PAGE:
1. You could have typed your name at the end of either of your comments but you chose not to do so.

2. I tell people they have not read my comment quickly WHEN a commenter misrepresents what I have said. But thank you for being a loyal reader of my blog.

3. You cited from my comment:

"Did the vaccine actually CAUSE them to contract H1N1?"

If you noticed the question mark then you should know that I asked a question. I did not make an assertion.

4. Given the number, 17, out of 20-25 players on a hockey team, who contracted the H1N1 shortly after having the shot it is not sensationalist to ask if there was a causal connection ... it is very reasonable.

5. You make assertions about my lacking understanding of how the immune systems work etc. but you did not back it up with anything substantive.

Thanks for visiting. If you do so in future I hope you provide something substantive and less condescending. You will be much more persuasive if you do.

Anonymous said...

You say that it was a question, and not an assertation, but it was an alarmist question, which did not take into account certain facts. For example, you did not note in your original post that vaccination does not result in instant protection against the virus, and in fact that there is a period of time, known as a lag phase (which in the case of the vaccine is approximately 10 days)after initial exposure to an antigen in which the immune system ramps up its response to the presented antigen. This is because the adaptive immune system (which includes B and T lympocytes) are not the first immune cells recruited to the site of inflammation or injury, and it takes time for them to arrive, to process the antigen, and for various cytokine pathways to be initiated to provoke the appropriate response. For vaccination purposes, this means that during this period of time, people are still vunerable to infection. They may, however, have a less severe case of the disease. As well, given the fact that hockey players are in extremely close contact with each other, it's not surprising that so many of them got sick. If, however, everyone that was vaccinated with a particular batch of the vaccine got sick, then obviously something would be wrong, and that batch would be pulled. If you would like further clarification of how the body mounts a response to an antigen, I suggest you read Janeway's Immunobiology. A new addition was just released.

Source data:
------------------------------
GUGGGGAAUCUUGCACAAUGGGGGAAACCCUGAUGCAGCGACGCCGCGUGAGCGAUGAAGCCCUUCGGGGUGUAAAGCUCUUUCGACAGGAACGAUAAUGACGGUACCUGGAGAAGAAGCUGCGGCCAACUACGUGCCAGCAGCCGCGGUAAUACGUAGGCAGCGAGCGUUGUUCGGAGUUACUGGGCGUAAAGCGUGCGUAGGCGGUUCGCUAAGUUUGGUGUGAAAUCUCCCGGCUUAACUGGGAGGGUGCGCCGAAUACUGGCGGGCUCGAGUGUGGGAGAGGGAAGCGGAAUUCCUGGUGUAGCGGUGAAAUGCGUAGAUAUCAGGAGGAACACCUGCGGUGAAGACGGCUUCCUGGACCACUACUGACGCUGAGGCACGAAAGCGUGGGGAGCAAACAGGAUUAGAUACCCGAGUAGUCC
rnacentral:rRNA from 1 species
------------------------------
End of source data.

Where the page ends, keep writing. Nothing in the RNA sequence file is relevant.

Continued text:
Unknown said...
This comment has been removed by the author.
Unknown said...


I said it was a question because it WAS a question. There is nothing sensational about asking questions. I do so in Court as a lawyer.

I have questioned expert medical witnesses many times in court and administrative tribunal proceedings. It is not necessary to become a Doctor to ask questions of a doctor. You simply ask them to explain their opinion using their own logic, explaining it in ordinary language, and, if necessary, comparing it to the logic and findings of other experts.

In a Canadian Labour Board proceeding in which I represented the employer, a back expert, an author on back injuries in sports like rowing, testified for the other side that carriers delivering parcels in an ordinary passenger van were at risk of immediate injury from bending to pick up bags of parcels as opposed to a larger cube-step van which allowed room to lift with the legs.
He reached a conclusion based on a computer program he developed and into which he inserted the data.

When I read his report I noted that the demonstration the union had provided for his data gathering included 75 lb bag weights. In fact the workers were not required, by virtue of their collective agreement, to lift over 35 pounds. He was the expert but his expert analysis was based on a faulty assumption of fact.

The other explanations you provide are reasonable and not difficult to understand. Your comments do not though, as I read them, rule out the possibility that the vaccines themselves caused the H1N1 flu in the hockey players in this case. There has been no investigation conducted to my knowledge to determine whether it was close proximity, as opposed to the vaccine itself, which caused 17 health young men to get sick with Swine Flu so quickly after getting their vaccines.

There is a danger, in my view, in assuming that vaccines are always safe and never investigating situations which might indicate a contrary conclusion.